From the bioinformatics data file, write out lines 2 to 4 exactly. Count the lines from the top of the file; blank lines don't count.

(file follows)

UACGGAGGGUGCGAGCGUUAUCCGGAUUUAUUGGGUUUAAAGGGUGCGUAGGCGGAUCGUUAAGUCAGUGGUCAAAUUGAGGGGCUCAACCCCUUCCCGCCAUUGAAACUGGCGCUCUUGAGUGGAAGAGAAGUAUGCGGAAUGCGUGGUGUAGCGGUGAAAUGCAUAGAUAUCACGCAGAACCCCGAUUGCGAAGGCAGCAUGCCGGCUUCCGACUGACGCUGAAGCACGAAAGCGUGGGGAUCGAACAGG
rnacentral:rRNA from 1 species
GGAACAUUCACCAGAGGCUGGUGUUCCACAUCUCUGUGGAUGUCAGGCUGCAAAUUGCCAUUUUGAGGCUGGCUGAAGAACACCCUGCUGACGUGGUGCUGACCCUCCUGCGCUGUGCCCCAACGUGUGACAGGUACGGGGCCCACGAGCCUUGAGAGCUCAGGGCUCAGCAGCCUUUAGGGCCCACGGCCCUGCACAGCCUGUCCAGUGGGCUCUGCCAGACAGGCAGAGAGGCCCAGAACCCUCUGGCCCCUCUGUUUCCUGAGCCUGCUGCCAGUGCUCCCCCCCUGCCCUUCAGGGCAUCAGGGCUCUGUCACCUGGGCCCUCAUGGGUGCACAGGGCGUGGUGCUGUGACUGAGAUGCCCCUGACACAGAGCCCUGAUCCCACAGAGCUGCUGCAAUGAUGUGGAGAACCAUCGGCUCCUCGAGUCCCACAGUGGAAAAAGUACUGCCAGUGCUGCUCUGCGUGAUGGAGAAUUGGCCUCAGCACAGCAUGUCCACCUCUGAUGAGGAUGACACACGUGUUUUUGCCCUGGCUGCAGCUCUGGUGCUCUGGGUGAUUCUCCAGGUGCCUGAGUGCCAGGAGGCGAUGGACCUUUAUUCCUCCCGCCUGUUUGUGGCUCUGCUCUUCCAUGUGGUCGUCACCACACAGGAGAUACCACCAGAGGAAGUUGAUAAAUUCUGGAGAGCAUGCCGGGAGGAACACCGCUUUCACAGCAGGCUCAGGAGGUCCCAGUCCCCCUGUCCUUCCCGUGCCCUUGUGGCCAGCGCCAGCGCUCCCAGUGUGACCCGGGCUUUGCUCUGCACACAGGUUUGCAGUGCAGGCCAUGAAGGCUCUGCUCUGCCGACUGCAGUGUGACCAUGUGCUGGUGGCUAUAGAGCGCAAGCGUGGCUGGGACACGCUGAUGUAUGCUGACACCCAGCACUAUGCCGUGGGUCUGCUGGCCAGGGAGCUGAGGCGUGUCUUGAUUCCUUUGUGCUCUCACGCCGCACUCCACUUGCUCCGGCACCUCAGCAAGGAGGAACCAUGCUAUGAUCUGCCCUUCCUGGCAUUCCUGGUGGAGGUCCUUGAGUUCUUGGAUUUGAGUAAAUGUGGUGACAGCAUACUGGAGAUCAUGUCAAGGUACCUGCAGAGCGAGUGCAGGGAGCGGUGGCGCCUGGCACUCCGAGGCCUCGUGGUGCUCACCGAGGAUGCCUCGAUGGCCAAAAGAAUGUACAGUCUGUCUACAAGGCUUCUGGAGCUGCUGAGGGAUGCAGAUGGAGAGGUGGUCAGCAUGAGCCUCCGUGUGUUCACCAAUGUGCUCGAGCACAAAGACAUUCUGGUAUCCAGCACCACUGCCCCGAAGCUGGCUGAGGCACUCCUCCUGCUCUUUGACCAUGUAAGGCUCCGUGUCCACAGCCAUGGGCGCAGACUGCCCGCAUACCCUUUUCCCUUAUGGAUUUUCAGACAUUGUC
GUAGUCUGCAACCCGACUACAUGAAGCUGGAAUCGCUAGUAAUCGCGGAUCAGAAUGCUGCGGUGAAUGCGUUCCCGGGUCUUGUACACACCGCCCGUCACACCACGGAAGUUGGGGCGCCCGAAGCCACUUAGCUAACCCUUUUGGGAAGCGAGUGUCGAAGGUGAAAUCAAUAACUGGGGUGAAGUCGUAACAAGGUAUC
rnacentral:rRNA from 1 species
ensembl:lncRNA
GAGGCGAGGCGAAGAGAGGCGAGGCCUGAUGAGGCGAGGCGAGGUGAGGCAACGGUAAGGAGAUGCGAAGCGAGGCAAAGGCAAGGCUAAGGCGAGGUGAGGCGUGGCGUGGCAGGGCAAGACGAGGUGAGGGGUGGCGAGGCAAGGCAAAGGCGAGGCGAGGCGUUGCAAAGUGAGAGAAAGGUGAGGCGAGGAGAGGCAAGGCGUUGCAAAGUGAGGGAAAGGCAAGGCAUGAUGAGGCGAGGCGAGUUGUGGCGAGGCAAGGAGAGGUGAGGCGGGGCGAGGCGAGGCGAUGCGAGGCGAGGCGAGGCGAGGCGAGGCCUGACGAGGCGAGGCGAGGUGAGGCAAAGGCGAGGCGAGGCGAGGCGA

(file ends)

rnacentral:rRNA from 1 species
GGAACAUUCACCAGAGGCUGGUGUUCCACAUCUCUGUGGAUGUCAGGCUGCAAAUUGCCAUUUUGAGGCUGGCUGAAGAACACCCUGCUGACGUGGUGCUGACCCUCCUGCGCUGUGCCCCAACGUGUGACAGGUACGGGGCCCACGAGCCUUGAGAGCUCAGGGCUCAGCAGCCUUUAGGGCCCACGGCCCUGCACAGCCUGUCCAGUGGGCUCUGCCAGACAGGCAGAGAGGCCCAGAACCCUCUGGCCCCUCUGUUUCCUGAGCCUGCUGCCAGUGCUCCCCCCCUGCCCUUCAGGGCAUCAGGGCUCUGUCACCUGGGCCCUCAUGGGUGCACAGGGCGUGGUGCUGUGACUGAGAUGCCCCUGACACAGAGCCCUGAUCCCACAGAGCUGCUGCAAUGAUGUGGAGAACCAUCGGCUCCUCGAGUCCCACAGUGGAAAAAGUACUGCCAGUGCUGCUCUGCGUGAUGGAGAAUUGGCCUCAGCACAGCAUGUCCACCUCUGAUGAGGAUGACACACGUGUUUUUGCCCUGGCUGCAGCUCUGGUGCUCUGGGUGAUUCUCCAGGUGCCUGAGUGCCAGGAGGCGAUGGACCUUUAUUCCUCCCGCCUGUUUGUGGCUCUGCUCUUCCAUGUGGUCGUCACCACACAGGAGAUACCACCAGAGGAAGUUGAUAAAUUCUGGAGAGCAUGCCGGGAGGAACACCGCUUUCACAGCAGGCUCAGGAGGUCCCAGUCCCCCUGUCCUUCCCGUGCCCUUGUGGCCAGCGCCAGCGCUCCCAGUGUGACCCGGGCUUUGCUCUGCACACAGGUUUGCAGUGCAGGCCAUGAAGGCUCUGCUCUGCCGACUGCAGUGUGACCAUGUGCUGGUGGCUAUAGAGCGCAAGCGUGGCUGGGACACGCUGAUGUAUGCUGACACCCAGCACUAUGCCGUGGGUCUGCUGGCCAGGGAGCUGAGGCGUGUCUUGAUUCCUUUGUGCUCUCACGCCGCACUCCACUUGCUCCGGCACCUCAGCAAGGAGGAACCAUGCUAUGAUCUGCCCUUCCUGGCAUUCCUGGUGGAGGUCCUUGAGUUCUUGGAUUUGAGUAAAUGUGGUGACAGCAUACUGGAGAUCAUGUCAAGGUACCUGCAGAGCGAGUGCAGGGAGCGGUGGCGCCUGGCACUCCGAGGCCUCGUGGUGCUCACCGAGGAUGCCUCGAUGGCCAAAAGAAUGUACAGUCUGUCUACAAGGCUUCUGGAGCUGCUGAGGGAUGCAGAUGGAGAGGUGGUCAGCAUGAGCCUCCGUGUGUUCACCAAUGUGCUCGAGCACAAAGACAUUCUGGUAUCCAGCACCACUGCCCCGAAGCUGGCUGAGGCACUCCUCCUGCUCUUUGACCAUGUAAGGCUCCGUGUCCACAGCCAUGGGCGCAGACUGCCCGCAUACCCUUUUCCCUUAUGGAUUUUCAGACAUUGUC
GUAGUCUGCAACCCGACUACAUGAAGCUGGAAUCGCUAGUAAUCGCGGAUCAGAAUGCUGCGGUGAAUGCGUUCCCGGGUCUUGUACACACCGCCCGUCACACCACGGAAGUUGGGGCGCCCGAAGCCACUUAGCUAACCCUUUUGGGAAGCGAGUGUCGAAGGUGAAAUCAAUAACUGGGGUGAAGUCGUAACAAGGUAUC